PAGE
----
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Chisholm v. Cleveland Clinic Foundation

Court of Appeals of Ohio, Eighth District, Cuyahoga

August 22, 2019

JANICE CHISHOLM, Plaintiff-Appellant,
v.
CLEVELAND CLINIC FOUNDATION, Defendant-Appellee.

          Civil Appeal from the Cuyahoga County Court of Common Pleas Case No. CV-15-849129

         JUDGMENT: AFFIRMED

          Schuster & Simmons Co., L.P.A., Nancy C. Schuster, and Jeffrey Panehal, for appellant.

          Frantz Ward, L.L.P., Ryan T. Smith, and Michael N. Chesney, for appellee.

          JOURNAL ENTRY AND OPINION

          EILEEN T. GALLAGHER, PRESIDING JUDGE

         {¶ 1} Plaintiff-appellant, Janice Chisholm, appeals an order granting summary judgment in favor of defendant-appellee, the Cleveland Clinic Foundation, Inc. ("the Clinic"), and claims the following errors:

1. The trial court erred when it did not draw an inference from the evidence presented in the light most favorable to the non-movant or construe the competent evidence most strongly in the non-movant's favor.
2. The trial court erred in finding that Appellant failed to support her claim of disparate-impact discrimination with necessary statistical evidence.
3. The trial court erred in finding that Appellant failed to demonstrate a prima facie case of disparate treatment discrimination.
4. The trial court erred in finding that Appellant was required to demonstrate pretext, but could not do so, in order to succeed on her claim of disparate treatment discrimination.

         {¶ 2} We find no merit to the appeal and affirm the trial court's judgment.

         I. Facts and Procedural History

         {¶ 3} Chisholm applied for a position as a pharmacy technician at the Clinic in the spring of 2000 and disclosed that she had been convicted of child endangering in 1993 in her employment application. Despite her felony conviction, the Clinic hired Chisholm and assigned her to work at South Pointe Hospital, one of the Clinic's eight community hospitals in the Cleveland area. During her first nine years at the Clinic, Chisholm received five merit-based raises and several positive performance evaluations.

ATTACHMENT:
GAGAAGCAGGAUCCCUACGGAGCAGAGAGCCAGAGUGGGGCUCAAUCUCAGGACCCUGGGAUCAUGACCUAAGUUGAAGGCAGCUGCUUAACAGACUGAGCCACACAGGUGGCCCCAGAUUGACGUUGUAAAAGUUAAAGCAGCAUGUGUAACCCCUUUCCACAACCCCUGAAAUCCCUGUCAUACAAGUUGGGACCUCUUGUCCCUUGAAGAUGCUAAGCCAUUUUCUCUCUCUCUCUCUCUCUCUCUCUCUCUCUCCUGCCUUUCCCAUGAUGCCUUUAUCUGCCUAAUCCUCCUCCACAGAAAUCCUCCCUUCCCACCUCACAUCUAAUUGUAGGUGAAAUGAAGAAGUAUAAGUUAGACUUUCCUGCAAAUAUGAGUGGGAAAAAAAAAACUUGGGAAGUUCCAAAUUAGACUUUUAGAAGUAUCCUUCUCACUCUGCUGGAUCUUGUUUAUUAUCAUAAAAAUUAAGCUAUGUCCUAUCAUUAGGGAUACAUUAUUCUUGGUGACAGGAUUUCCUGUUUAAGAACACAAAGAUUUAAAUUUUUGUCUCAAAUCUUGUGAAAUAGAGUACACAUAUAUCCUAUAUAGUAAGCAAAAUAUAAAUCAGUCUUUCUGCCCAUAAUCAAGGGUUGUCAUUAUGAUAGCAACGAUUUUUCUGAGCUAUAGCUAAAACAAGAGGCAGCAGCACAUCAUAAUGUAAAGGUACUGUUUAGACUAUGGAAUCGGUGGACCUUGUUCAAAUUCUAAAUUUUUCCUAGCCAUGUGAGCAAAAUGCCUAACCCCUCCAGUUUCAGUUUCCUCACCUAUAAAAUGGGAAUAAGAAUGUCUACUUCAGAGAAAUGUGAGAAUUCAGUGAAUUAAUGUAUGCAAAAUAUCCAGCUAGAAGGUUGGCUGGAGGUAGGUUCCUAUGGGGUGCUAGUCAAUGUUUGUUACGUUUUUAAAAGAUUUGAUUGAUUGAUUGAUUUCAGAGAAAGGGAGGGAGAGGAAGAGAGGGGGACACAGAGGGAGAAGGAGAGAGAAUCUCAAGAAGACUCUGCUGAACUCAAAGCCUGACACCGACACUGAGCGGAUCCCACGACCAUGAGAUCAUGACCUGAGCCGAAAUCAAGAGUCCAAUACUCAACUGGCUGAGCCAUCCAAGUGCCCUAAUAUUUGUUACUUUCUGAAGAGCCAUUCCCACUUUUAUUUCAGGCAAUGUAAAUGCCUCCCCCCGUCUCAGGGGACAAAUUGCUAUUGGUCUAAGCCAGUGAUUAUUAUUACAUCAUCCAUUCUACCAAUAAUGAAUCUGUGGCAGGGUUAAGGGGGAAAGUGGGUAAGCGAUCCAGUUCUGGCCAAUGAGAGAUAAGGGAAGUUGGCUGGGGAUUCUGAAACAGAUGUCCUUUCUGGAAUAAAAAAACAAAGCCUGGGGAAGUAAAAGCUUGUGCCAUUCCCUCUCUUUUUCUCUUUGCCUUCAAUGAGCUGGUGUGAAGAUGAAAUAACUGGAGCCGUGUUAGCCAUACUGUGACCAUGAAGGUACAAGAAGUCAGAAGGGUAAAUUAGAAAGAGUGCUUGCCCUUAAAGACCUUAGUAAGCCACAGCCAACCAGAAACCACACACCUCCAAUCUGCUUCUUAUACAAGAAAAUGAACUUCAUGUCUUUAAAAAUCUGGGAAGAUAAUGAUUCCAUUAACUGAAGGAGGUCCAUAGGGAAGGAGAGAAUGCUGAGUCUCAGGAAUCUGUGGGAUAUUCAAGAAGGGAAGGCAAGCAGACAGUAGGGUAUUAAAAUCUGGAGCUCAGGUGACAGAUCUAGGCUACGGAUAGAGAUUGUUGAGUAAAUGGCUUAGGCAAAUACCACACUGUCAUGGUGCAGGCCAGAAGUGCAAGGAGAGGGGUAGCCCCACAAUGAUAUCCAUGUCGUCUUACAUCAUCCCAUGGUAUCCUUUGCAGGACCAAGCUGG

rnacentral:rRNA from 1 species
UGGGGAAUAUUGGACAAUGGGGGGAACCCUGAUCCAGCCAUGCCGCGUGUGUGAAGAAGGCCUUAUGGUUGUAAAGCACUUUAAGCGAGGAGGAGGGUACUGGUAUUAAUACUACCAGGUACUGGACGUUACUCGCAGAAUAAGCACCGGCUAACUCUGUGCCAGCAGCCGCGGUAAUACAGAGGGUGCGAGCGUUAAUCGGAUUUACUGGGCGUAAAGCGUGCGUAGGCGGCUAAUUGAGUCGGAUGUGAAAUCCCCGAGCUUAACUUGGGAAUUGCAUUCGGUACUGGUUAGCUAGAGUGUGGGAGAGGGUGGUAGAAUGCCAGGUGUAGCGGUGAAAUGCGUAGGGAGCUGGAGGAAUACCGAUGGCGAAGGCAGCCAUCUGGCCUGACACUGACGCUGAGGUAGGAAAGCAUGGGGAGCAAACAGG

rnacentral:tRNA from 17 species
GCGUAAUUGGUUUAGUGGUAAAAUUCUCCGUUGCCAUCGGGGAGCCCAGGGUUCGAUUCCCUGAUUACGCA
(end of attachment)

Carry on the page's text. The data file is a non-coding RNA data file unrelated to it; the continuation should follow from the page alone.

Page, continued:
{¶ 4} In April 2009, following a deadly medication error, the Ohio General Assembly enacted R.C. 472942, also known as Emily's Law. Emily's Law prohibited the hiring of pharmacy technicians, who had previously been convicted of a felony, and required presently employed technicians to undergo a criminal background check. The law provided an exception, however, for those individuals who had worked as a pharmacy technician for the same employer for five or more years.

         {¶ 5} After the passage of Emily's Law, the Clinic implemented its own felony-conviction policy, which exceeded the requirements of Emily's Law. The Clinic's policy prohibited the employment of any pharmacy technicians with felony convictions and required all of its technicians to undergo criminal background checks regardless of how long they had been employed at the hospital. Consequently, the Clinic terminated Chisholm's employment in November 2009, due to her 1993 felony conviction. The criminal background checks only revealed one other pharmacy technician with a felony conviction. That employee, D.K., worked as a pharmacy technician at Hillcrest Hospital. Both Chisholm and D.K. are African-American.

         {¶ 6} In accordance with its new policy, the Clinic removed D.K. from her pharmacy technician position and transferred her to another position for which she was qualified at Hillcrest Hospital. As a result, D.K. suffered no loss of employment, pay, or benefits, and remained employed by the Clinic. South Pointe Hospital did not have any available positions for Chisholm. The Clinic replaced Chisholm with a pharmacy technician named S.W., who is also African-American.

         {¶ 7} Because there were no transfer options at South Pointe Hospital, the Clinic provided Chisholm with ten weeks of full severance pay and health benefits. During this period, the Clinic also allowed Chisholm to "multiple-bid" (i.e., simultaneously bid on many jobs) on open positions as an internal candidate. (Chisholm depo. at 138.) Applicants are generally only allowed to apply for one position at a time. (Calabrese aff. ¶ 13.) Thus, Chisholm had an advantage over other applicants seeking employment at the Clinic. (Calabrese aff. ¶ 13.) Nevertheless, Chisholm did not pursue any other positions within the Clinic until after the ten-week period had expired. (Chisholm depo. at 139.)

         {¶ 8} Chisholm subsequently filed suit against the Clinic, claiming the Clinic terminated her employment on account of her race. Chisholm alleged that her termination "was the result of racial discrimination, manifested as either disparate treatment or disparate impact" because "the only pharmacy technicians who were affected by the Clinic's retroactive application of Emily's Law were African American." (Amended complaint ¶ 11, 12.)

         {¶ 9} Following discovery, voluntary dismissal of the complaint pursuant to Civ.R. 41(A), refiling the complaint, and more discovery, the Clinic filed a motion for summary judgment. Thereafter, Chisholm moved the court, pursuant to Civ.R. 56(F), to reopen discovery related to the Clinic's responses to interrogatory Nos. 6 and 9. Interrogatory No. 6 sought the name, race, and hire and termination dates of all Clinic employees terminated, in whole or in part, as a result of Emily's Law. Interrogatory No. 9 requested the name, race, ...


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